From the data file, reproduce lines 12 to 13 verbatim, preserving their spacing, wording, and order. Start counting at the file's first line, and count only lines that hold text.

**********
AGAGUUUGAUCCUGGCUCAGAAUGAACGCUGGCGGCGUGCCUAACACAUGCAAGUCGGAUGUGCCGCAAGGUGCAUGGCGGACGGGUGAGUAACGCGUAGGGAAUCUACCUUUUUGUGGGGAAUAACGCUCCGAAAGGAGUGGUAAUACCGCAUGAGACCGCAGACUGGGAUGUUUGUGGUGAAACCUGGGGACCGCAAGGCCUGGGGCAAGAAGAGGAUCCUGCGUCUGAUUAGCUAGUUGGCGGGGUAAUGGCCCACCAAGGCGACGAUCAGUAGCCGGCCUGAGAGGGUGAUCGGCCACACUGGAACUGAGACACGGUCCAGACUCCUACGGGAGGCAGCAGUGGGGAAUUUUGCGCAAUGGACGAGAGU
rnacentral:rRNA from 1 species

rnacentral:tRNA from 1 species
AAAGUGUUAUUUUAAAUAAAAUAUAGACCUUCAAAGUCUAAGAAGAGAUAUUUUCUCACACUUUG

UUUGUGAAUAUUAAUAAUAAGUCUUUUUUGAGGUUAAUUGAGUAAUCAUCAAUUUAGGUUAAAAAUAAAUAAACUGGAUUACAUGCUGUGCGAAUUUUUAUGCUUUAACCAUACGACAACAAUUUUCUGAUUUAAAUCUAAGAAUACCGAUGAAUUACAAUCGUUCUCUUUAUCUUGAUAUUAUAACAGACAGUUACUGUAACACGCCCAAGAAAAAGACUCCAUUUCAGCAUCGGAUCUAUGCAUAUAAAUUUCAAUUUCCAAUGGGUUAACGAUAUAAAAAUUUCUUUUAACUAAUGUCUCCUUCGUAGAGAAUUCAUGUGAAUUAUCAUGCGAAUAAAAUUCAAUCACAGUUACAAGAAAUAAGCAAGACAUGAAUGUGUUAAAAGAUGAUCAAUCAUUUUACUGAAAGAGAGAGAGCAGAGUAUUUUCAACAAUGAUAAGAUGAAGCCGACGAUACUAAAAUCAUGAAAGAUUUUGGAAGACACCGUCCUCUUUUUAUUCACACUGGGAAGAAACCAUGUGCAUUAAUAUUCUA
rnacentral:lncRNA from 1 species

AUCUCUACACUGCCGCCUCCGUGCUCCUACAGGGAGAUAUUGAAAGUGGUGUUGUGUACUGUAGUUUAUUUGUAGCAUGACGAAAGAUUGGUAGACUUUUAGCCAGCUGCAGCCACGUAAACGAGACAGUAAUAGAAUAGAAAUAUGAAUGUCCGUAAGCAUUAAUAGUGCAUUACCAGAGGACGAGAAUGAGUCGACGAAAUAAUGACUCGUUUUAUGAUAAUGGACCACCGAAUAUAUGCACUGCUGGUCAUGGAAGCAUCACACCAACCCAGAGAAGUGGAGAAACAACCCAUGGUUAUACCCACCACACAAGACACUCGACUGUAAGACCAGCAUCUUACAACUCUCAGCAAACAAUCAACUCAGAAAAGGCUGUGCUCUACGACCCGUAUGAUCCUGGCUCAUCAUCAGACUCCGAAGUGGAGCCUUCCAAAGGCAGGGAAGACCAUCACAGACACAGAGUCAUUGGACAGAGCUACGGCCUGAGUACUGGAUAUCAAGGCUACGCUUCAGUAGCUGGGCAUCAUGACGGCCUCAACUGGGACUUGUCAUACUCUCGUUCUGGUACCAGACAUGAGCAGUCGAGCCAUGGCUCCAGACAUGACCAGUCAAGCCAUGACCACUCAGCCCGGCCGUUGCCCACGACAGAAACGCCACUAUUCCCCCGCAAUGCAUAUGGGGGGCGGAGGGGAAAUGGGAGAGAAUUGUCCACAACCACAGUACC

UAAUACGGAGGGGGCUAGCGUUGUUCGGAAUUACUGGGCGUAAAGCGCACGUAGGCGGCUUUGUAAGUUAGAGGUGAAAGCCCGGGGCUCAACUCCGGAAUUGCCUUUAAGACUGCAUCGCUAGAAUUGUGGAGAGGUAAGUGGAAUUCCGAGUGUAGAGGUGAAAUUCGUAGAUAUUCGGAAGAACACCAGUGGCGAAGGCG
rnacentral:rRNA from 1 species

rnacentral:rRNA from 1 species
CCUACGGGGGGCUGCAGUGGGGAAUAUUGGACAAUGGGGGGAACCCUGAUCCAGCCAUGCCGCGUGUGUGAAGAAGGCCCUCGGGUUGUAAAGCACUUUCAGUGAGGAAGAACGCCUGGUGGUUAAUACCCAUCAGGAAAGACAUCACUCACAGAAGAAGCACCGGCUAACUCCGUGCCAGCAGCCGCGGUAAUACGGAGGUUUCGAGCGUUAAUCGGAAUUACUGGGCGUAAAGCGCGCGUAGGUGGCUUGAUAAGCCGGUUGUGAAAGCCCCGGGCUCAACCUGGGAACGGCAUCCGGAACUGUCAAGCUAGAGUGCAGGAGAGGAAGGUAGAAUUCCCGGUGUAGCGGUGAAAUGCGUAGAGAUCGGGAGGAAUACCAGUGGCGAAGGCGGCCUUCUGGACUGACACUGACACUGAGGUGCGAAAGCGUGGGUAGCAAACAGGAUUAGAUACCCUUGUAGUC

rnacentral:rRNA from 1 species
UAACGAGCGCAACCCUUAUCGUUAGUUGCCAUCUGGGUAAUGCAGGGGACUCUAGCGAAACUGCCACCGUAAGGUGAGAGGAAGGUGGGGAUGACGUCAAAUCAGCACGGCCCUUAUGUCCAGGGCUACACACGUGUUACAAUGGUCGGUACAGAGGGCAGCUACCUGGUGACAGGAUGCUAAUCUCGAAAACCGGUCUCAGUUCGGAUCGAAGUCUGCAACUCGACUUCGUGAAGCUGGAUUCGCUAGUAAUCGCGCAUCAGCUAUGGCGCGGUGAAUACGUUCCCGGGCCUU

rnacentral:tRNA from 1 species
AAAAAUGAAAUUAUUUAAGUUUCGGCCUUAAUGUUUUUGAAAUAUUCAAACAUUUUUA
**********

rnacentral:rRNA from 1 species
UAACGAGCGCAACCCUUAUCGUUAGUUGCCAUCUGGGUAAUGCAGGGGACUCUAGCGAAACUGCCACCGUAAGGUGAGAGGAAGGUGGGGAUGACGUCAAAUCAGCACGGCCCUUAUGUCCAGGGCUACACACGUGUUACAAUGGUCGGUACAGAGGGCAGCUACCUGGUGACAGGAUGCUAAUCUCGAAAACCGGUCUCAGUUCGGAUCGAAGUCUGCAACUCGACUUCGUGAAGCUGGAUUCGCUAGUAAUCGCGCAUCAGCUAUGGCGCGGUGAAUACGUUCCCGGGCCUU